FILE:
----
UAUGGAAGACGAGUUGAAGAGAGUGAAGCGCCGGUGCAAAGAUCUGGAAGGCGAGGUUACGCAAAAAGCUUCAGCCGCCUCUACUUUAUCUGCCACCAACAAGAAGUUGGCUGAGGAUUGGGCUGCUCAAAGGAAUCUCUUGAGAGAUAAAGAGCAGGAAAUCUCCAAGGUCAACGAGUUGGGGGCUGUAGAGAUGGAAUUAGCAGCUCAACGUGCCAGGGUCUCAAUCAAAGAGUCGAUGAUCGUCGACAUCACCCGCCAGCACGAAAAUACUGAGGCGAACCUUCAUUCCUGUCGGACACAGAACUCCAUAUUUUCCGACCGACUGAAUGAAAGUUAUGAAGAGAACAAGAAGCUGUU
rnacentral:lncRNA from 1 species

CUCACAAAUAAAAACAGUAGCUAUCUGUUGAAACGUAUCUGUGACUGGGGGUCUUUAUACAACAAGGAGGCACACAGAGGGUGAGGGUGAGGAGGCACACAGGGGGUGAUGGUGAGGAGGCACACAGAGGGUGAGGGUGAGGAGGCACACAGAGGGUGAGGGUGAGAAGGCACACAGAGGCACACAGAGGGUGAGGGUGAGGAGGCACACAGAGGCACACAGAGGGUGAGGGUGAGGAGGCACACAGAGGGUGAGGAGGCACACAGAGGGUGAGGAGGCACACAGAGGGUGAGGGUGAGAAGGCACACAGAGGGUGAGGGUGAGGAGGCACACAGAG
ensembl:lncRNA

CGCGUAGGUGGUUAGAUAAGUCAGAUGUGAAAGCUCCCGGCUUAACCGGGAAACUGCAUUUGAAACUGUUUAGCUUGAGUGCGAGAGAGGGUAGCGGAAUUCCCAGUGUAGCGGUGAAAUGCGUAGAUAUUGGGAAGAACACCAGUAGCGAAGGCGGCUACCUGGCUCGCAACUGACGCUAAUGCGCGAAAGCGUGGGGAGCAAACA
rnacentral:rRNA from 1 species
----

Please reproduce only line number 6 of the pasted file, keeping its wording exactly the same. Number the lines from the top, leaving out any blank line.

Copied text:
rnacentral:rRNA from 1 species